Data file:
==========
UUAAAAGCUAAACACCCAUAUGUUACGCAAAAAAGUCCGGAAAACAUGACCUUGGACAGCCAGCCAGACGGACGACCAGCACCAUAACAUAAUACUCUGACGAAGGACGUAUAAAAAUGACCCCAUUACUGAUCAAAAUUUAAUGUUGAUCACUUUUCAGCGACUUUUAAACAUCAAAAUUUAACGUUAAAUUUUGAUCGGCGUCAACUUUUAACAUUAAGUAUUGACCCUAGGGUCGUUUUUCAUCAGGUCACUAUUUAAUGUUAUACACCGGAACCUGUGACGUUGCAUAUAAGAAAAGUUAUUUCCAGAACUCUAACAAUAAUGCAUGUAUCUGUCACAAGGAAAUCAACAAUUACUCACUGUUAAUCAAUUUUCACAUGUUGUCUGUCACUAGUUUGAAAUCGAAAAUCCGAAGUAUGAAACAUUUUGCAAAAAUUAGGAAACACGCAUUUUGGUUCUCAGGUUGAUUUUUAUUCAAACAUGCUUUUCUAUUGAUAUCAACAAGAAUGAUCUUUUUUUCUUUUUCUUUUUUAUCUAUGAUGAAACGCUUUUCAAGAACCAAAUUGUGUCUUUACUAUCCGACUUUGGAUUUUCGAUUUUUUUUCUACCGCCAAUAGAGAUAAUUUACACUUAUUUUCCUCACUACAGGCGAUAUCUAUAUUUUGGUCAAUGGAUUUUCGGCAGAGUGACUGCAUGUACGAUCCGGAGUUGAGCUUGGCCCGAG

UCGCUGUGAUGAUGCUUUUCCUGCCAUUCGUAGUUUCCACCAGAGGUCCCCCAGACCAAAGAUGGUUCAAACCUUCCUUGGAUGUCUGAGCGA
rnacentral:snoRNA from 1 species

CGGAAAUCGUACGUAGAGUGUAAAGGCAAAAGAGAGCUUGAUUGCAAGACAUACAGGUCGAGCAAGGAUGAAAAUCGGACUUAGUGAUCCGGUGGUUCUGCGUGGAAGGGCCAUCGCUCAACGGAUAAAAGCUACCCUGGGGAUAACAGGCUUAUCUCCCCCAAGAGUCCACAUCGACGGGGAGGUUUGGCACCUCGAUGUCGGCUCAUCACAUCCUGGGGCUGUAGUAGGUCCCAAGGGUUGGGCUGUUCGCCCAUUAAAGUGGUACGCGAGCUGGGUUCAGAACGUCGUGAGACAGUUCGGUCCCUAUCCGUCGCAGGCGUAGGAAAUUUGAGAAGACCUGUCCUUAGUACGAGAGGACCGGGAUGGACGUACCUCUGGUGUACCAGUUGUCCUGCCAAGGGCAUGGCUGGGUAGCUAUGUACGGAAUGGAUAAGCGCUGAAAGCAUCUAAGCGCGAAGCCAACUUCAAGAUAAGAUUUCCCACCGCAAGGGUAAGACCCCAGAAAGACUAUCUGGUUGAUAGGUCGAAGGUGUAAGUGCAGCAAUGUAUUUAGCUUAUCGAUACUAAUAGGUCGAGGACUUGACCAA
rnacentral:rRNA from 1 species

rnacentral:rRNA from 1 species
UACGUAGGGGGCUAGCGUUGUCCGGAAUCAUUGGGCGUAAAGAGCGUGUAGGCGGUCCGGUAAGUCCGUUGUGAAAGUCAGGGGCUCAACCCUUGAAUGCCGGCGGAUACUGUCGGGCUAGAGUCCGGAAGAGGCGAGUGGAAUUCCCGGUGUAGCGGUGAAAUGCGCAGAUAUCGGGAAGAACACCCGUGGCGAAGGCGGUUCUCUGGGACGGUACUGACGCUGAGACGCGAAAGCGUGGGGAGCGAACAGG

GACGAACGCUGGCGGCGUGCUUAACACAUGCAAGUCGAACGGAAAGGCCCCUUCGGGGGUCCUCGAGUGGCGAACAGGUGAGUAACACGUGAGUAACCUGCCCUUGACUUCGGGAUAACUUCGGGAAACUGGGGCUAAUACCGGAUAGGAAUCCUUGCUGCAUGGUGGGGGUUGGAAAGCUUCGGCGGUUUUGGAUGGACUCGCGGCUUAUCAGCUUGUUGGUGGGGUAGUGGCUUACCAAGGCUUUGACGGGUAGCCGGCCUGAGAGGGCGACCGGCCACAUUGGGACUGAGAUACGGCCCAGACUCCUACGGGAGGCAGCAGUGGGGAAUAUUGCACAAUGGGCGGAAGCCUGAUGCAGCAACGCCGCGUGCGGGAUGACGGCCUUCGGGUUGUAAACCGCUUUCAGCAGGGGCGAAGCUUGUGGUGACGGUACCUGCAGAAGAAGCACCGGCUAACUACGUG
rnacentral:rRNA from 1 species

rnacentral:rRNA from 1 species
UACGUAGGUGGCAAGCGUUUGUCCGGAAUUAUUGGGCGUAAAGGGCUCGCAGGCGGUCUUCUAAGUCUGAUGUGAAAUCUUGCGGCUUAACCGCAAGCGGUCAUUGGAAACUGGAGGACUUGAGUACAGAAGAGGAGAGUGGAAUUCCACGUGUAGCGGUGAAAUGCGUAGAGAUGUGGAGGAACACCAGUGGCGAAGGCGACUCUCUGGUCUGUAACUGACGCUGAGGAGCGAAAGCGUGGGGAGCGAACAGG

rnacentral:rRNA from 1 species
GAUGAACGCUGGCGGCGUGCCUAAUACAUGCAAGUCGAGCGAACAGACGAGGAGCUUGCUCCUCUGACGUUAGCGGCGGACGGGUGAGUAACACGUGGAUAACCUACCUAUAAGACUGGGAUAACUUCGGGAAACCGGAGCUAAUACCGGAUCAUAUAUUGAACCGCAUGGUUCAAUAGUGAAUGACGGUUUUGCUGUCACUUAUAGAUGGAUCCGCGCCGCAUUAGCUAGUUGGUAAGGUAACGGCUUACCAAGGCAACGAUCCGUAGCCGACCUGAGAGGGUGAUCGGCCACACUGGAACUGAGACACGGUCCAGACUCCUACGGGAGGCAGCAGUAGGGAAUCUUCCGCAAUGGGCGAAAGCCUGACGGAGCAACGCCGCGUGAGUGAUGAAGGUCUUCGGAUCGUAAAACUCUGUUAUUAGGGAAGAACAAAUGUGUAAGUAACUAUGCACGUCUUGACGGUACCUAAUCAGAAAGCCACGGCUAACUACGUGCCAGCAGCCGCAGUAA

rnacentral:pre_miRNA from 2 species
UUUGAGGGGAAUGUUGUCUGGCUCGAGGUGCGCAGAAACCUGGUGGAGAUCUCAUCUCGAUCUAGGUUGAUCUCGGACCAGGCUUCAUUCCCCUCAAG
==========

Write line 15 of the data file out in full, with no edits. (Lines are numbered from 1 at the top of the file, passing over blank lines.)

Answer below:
UUUGAGGGGAAUGUUGUCUGGCUCGAGGUGCGCAGAAACCUGGUGGAGAUCUCAUCUCGAUCUAGGUUGAUCUCGGACCAGGCUUCAUUCCCCUCAAG